North­eastern Uni­ver­sity has received a $1.5 mil­lion sub­con­tract award to develop a nanotechnology-​​based elec­tric field sensor, a project that closely aligns with the University’s con­tinued focus on solving global chal­lenges through inno­v­a­tive, use-​​inspired research.

Srinivas Sridhar, director of Northeastern’s Elec­tronic Mate­rials Research Insti­tute (EMRI), will lead the research and devel­op­ment of the nanosensors—compact, energy-​​efficient devices that can detect minute elec­tric fields over large fre­quency ranges.

The three-​​year project is funded by the Defense Advanced Research Projects Agency (DARPA), and will be done under a sub­con­tract from SRICO Inc., an Ohio-​​based high-​​tech company.

DARPA, the research and devel­op­ment office for the Depart­ment of Defense, was seeking inno­v­a­tive research pro­posals for elec­tric field detector tech­nolo­gies that will enable the fab­ri­ca­tion of dense detector arrays to achieve high spa­tial res­o­lu­tion of the elec­tric field as well as high sen­si­tivity. North­eastern and SRICO pro­posed an inno­v­a­tive nan­otech­nology solu­tion that has the poten­tial to lead to rev­o­lu­tionary advances in the fields of health and secu­rity, said Sridhar—which, along with sus­tain­ability, rep­re­sent Northeastern’s pri­mary areas of research focus.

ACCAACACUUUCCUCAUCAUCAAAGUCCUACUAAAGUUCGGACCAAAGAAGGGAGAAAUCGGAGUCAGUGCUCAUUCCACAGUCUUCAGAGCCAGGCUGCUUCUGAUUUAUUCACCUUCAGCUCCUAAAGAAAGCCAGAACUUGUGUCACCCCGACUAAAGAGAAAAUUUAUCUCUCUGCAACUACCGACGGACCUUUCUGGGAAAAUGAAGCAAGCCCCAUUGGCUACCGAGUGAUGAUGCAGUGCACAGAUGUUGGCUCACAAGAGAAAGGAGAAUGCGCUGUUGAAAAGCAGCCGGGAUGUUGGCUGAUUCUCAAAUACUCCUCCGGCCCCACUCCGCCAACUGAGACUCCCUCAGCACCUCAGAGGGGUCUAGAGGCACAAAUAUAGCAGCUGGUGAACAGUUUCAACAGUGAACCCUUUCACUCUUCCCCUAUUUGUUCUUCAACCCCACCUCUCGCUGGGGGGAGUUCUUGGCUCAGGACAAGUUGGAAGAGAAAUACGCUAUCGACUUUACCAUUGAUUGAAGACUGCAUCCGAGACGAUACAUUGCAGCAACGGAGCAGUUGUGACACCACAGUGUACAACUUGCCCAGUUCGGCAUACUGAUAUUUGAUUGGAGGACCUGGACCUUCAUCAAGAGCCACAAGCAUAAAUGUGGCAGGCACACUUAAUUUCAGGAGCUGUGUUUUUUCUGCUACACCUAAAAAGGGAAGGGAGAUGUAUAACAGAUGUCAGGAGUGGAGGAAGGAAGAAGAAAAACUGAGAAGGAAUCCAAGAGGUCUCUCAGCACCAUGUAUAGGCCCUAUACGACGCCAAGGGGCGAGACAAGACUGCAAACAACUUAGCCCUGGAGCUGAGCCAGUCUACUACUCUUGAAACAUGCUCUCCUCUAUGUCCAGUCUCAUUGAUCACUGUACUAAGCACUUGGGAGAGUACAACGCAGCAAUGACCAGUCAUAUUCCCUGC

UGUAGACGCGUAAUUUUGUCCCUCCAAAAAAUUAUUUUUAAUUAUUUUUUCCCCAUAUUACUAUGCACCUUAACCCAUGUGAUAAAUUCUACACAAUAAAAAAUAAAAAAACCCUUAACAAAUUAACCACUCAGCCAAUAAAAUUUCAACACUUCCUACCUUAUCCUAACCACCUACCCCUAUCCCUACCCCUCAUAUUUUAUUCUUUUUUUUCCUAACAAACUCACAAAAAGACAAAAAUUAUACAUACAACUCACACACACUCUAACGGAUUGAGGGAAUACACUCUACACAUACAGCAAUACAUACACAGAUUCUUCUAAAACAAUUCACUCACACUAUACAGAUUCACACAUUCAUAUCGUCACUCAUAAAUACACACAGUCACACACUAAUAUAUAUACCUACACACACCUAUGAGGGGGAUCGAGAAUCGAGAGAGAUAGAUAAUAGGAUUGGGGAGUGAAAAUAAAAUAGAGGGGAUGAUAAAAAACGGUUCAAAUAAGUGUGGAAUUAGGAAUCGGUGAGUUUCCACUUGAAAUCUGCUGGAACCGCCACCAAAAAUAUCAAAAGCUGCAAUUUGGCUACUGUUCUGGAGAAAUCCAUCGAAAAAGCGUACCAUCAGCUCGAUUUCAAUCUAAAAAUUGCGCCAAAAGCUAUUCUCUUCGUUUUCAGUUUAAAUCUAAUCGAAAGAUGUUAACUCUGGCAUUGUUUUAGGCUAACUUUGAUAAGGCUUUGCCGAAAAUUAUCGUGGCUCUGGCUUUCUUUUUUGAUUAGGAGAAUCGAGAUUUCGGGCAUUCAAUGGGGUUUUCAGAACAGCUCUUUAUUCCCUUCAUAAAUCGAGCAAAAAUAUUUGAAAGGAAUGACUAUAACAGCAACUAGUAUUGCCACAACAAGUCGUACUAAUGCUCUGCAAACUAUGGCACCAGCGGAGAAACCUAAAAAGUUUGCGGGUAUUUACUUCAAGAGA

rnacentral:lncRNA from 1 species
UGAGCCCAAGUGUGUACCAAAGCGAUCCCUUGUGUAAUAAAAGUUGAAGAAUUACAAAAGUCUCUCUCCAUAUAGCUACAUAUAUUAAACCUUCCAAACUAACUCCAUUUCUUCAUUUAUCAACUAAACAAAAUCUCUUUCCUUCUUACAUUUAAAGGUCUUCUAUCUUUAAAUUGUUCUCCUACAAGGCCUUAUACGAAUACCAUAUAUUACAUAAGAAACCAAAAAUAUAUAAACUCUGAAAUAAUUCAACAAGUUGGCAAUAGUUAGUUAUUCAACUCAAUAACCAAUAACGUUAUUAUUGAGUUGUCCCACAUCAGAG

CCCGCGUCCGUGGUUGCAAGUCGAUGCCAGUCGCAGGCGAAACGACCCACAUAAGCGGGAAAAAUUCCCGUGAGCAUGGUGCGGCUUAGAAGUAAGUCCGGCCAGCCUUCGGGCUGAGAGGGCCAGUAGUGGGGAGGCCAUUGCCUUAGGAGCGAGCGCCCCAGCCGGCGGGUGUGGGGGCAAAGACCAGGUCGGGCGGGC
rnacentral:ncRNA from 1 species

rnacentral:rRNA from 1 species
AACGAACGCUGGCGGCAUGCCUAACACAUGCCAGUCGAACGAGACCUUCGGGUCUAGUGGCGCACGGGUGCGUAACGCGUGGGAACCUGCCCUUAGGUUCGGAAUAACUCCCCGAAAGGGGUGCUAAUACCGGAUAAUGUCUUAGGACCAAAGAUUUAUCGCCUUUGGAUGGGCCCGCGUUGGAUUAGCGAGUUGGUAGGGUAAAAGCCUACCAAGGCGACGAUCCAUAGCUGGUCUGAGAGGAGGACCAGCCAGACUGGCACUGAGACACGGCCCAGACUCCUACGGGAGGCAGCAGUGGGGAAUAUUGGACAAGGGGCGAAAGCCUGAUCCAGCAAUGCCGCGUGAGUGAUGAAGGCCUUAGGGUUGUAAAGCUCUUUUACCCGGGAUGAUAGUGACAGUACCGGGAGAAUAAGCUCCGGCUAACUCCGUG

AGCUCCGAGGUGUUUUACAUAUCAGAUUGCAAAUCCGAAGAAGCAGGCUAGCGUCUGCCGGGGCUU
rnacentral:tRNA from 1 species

The nanosen­sors work by detecting, pre­cisely and accu­rately, very small changes in a light beam that are caused by weak elec­tric fields, said Sridhar. “Working in the nanoscale allows us to better con­trol the design and func­tion of mate­rials,” he added.

According to Sridhar, devel­op­ment of sen­sors that can detect mag­netic fields has far out­paced devel­op­ment of those that can detect elec­tric fields. Through this project, the EMRI team will apply the unique mate­rials and detector con­cepts devel­oped by SRICO to pro­duce elec­tric field sensor designs that are 1,000 times more effec­tive than the cur­rent tech­nology, he said.